Licuala pitta

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Licuala (lik-oo-AH-lah)
pitta (PEET-tah)
Nong Nooch Botanic Garden, Thailand. Photo by Paul Craft
Scientific Classification
Genus: Licuala (lik-oo-AH-lah)
pitta (PEET-tah)
None set.
Native Continent
Habit: Solitary & clustering.
Leaf type: Costapalmate
Survivability index
Common names

Habitat and Distribution

Chantaburi Province in SE Thailand. Cambodia. This palm is distributed in hill
Nong Nooch Botanic Garden, Thailand. Photo by Paul Craft
dipterocarp forest, and lowland rain forest ranging up to 450 m asl.


Caespitose palm (growing in tufts or clumps), 4–8 stemmed, individual stems up to 2.5 m tall, 2.8–3 cm in diam. below the crown and with 0.5–1 cm long internodes. Leaves 10–12 in crown, sheath margins disintegrating into fibrous mesh, eventually dropping off; petiole 120–150 cm long, 8–10 mm wide at the base to 4–6 mm across towards the apex, adaxially flattened to channelled towards the base, abaxially rounded to ridged, armed on lower 30–50 cm, with more or less evenly distributed, irregularly sized, up to 3 mm long, straight spines; leaf blade 60–70 cm across, divided in 11–15 segments, with slightly curved to straight lateral margins, converging basally in funnel-like manner, apical segment sessile, undivided, 35–45 cm long, with 9–11 adaxial ribs, midsegments of more or less equal length, with 3 or 4 adaxial ribs, somewhat obliquely truncate, basal segments 30–35 cm long, with 2–4 adaxial ribs, obliquely truncate; indentations leading to adaxial ribs 5–10 mm long, U-shaped, those leading to abaxial splits 2–5 mm long, V-shaped. Inflorescences 1 or 2 per ramet, 80–90 cm long, carrying 4 or 5 partial inflorescences; peduncle as measured to insertion of basal rachis bract 60 cm long; prophyll 30 cm long; basal rachis bract bicarinate tubular, 23–27 cm by 12–15 mm, covered with patches of ferruginous ramenta particularly basally and towards the margins, loosely fitting, irregularly splitting, 5–12 mm long; remaining rachis bracts gradually shorter towards the apex with a single, up to 7 cm long split; basal partial inflorescence inserted 25–30 cm above its subtending rachis bract, branching near point of insertion, with 1–3, 8–12 cm by 2–3 mm rachillae, each bearing 70–90 flowers. Flowers hermaphroditic, protandrous, solitary, bullet-shaped, somewhat triquetrous, 7–7.5 mm long; flowers borne in pairs almost throughout the rachilla, each pair subtended by an inconspicuous up to 0.5 mm long bract, pedicel very short, calyx 4.8–5 mm long, unevenly tomentose, with three shallow, rounded to truncate lobes; corolla 5–5.5 mm long, splitting to about 2 mm; androecium fused to corolla for 2.2–2.3 mm, staminal ring about 1 mm high; free part of filaments about 0.5 mm long; anthers 0.9–1.1 mm long; ovary 1.5–2 mm long, rounded to attenuate apically; style 3–3.5 mm long; locules situated near the middle of the ovary, 0.5–0.6 mm long. Fruits unknown. (A.S. Barfod & R. Pongsattayapipat 2008) Editing by edric.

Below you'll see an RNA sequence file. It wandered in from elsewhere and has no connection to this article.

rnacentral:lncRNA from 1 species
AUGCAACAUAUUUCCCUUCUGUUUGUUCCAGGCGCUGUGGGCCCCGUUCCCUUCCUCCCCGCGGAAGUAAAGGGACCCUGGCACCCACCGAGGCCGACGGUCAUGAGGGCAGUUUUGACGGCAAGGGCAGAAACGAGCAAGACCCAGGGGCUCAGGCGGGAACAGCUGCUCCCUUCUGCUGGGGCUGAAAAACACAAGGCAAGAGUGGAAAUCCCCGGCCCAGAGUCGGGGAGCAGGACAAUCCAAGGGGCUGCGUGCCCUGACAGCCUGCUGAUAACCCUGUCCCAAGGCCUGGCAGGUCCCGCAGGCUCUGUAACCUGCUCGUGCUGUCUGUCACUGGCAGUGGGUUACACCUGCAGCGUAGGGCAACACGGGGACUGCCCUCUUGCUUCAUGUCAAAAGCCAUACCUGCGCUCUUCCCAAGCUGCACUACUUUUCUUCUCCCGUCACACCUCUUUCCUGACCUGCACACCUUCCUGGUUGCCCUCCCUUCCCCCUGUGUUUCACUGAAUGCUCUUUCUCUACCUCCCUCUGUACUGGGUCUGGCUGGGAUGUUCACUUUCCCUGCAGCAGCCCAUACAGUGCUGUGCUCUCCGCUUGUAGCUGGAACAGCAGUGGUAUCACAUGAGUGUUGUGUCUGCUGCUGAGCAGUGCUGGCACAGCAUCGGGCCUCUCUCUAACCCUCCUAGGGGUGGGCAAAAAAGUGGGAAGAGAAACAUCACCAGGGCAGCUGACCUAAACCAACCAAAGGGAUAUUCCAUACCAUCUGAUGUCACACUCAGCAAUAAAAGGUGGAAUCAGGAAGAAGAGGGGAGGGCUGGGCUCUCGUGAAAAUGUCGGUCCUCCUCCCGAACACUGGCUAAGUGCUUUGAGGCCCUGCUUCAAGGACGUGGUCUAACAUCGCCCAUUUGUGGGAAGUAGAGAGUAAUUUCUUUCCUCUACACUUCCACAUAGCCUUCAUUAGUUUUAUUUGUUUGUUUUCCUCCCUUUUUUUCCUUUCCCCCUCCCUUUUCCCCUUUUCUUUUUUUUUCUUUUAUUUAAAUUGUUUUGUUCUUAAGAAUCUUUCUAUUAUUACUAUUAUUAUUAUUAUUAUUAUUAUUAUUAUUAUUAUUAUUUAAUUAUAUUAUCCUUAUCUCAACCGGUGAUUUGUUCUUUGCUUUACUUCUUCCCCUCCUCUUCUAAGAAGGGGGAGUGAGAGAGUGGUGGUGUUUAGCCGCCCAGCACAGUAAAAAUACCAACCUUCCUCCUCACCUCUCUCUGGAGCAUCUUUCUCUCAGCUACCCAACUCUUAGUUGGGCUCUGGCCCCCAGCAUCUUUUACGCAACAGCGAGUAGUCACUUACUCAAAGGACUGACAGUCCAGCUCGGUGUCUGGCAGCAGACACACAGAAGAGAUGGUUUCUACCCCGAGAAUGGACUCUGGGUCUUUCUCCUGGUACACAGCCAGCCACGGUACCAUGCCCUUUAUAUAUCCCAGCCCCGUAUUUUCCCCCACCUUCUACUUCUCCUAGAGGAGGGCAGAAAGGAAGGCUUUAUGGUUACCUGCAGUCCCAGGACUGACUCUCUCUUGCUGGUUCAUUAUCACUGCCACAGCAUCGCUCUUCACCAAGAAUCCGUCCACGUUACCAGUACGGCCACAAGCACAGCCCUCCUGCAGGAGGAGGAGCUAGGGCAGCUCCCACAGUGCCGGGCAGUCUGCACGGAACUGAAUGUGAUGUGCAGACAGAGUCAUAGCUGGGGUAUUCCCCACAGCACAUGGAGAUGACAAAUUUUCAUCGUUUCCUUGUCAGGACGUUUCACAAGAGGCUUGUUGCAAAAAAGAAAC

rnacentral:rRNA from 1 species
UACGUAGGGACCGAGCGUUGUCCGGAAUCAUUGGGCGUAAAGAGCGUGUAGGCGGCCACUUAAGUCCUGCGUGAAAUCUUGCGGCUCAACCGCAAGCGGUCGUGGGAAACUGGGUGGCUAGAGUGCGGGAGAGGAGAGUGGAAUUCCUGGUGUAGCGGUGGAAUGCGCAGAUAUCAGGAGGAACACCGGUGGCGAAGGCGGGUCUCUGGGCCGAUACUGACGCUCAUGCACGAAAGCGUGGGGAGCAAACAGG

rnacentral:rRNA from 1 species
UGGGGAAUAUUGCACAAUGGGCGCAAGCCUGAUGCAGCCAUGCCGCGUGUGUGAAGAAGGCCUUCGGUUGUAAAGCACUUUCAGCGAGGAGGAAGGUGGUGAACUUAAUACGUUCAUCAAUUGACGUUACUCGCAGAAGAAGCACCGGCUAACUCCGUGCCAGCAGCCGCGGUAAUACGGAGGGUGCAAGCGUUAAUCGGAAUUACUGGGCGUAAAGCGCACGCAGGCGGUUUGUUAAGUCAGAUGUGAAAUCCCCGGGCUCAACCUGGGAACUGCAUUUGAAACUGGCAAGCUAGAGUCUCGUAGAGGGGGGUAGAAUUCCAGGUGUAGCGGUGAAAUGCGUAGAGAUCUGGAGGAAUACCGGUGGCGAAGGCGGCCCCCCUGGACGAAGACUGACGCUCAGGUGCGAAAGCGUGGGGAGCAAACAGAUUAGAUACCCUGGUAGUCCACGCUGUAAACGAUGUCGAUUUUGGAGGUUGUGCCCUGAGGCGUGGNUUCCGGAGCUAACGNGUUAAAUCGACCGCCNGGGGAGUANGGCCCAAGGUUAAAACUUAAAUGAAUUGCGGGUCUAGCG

Note — Licuala pitta is similar to the widespread L. spinosa in its caespitose habit and its overall leaf morphology. It differs from that species, however, by the inflorescences being presented among the leaves, the leaf segments converging basally in a funnel-like manner, the fewer and shorter flowering rachillae and the flowers being almost twice as long. Licuala pitta is reminiscent of L. taynguyensis Barfod & Borchs. (Barfod & Borchsenius 2000) from Vietnam but that species is solitary, and has much larger inflorescences, with zigzag rachillae that bear fewer, rather large and densely long-haired flowers. (A.S. Barfod & R. Pongsattayapipat 2008)


Cold Hardiness Zone: 10b

Comments and Curiosities

Etymology — Named after Mr. Pitta Bunnak, who has contributed extensively to palm horticulture in Thailand.

Conservation status — As long as this species has only been recorded in a restricted area it is of possible concern due to urban development and habitat destruction in one of Thailand’s fastest developing provinces. (A.S. Barfod & R. Pongsattayapipat 2008)

External Links


Phonetic spelling of Latin names by edric.

Special thanks to Geoff Stein, (Palmbob) for his hundreds of photos.

Special thanks to, Dr. John Dransfield, Dr. Bill Baker & team, for their volumes of information and photos.

Glossary of Palm Terms; Based on the glossary in Dransfield, J., N.W. Uhl, C.B. Asmussen-Lange, W.J. Baker, M.M. Harley & C.E. Lewis. 2008. Genera Palmarum - Evolution and Classification of the Palms. Royal Botanic Gardens, Kew. All images copyright of the artists and photographers (see images for credits).

BLUMEA 53: 617–620 Published on 31 December 2008.

Barfod, A.S. & F. Borchsenius. 2000. A new species of Licuala (Arecaceae; Coryphoideae) from the Central Highlands of Vietnam. Brittonia 52: 354–357.

Vatcharakorn, P. 2005. Palms and cycads of Thailand: 126–127. Amarin Printing & Publishing Public Co. Ltd.

Many Special Thanks to Ed Vaile for his long hours of tireless editing and numerous contributions.

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